For the Regimental Colour, in the DCLI example delete the laurel wreath and battle honour scrolls which seem to pass under the St. George Cross. For the Union Wreath of roses, thistles and shamrocks substitute a Candytuft wreath of the same size. Inside the circlet, again substitute The Gibraltar Regiment. In the center substitute the numeral 'II' with the Castle and Key. This presumably would be almost identical to the old colonial badge in the fly of the ensign. Delete the badge below the wreath and substitute a three part scroll with the words Nulli Expugnabilis Hosti in the three parts. The scroll probably extends slightly beyond the bar of the red cross and curls upwards following the contour of the wreath. The Crown again should have a dropped center. For the grenade, see the one depicted at The Grenadier Guards page. The flames of the grenade should not extend sideways beyond the edge of the ball, and be a bit more elongated vertically. The grenade should vertically fill about one half of the white canton, and be quite close to the corner.

T. F. Mills, 5 November 1998

Just to complete the information about the Gibraltar Regiment Colours. The stand of two Colours (Queen's and Regimental) was presented to the Gibraltar Regiment at their home base (Devil's Tower) on 1 July 1998 by the Duke of Kent on behalf of Queen Elizabeth II. This was a replacement for the first stand of Colours presented 25 Sept. 1971 by then Governor Sir Varyl Begg. The regiment was formed in August 1958 by reorganising the Gibraltar Defence Force which had been formed in April 1939.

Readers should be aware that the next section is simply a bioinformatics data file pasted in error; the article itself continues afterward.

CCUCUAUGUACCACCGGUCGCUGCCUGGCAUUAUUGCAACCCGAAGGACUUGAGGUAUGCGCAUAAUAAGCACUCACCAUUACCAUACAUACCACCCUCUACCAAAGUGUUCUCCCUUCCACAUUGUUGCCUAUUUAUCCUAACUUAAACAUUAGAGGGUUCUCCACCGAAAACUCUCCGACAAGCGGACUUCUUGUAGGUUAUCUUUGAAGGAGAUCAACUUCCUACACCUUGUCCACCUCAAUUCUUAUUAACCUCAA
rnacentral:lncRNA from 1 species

T.F. Mills, 14 November 1998

The Regimental Colour shows the red cross of St. George on a field of limestone grey. In the centre a round gold circle withing a wreath of candytuft (Iberis Gibraltarica) the inscription The Gibraltar Regiment, within the circle, the Gibraltar Castle and Key in red on a white field. The Imperial Crown superimposed, underneath, a scroll with the motto Nulli Expugnabilis Hosti, on the upper canton next to the staff a grenade in gold.

Since the presentation of new colours in 1998, Queen Elizabeth II has bestowed the title 'Royal' on the Regiment and it is expected that the Regimental Colour (together with the Queen's Colour) will be changed to show the new 'Royal' prefix on both Colours.

Source: The Presentation of New Colours issued by the Regiment for the parade held on 1st July 1998.

Andrew Schembri, 24-25 November 2002

My long nearly-lost Latin translates Nulli Expugnabilis Hosti as 'conquered by no enemy'. This webpage seems to show the laying up of these colours in 1998.

Rob Raeside, 24 November 2002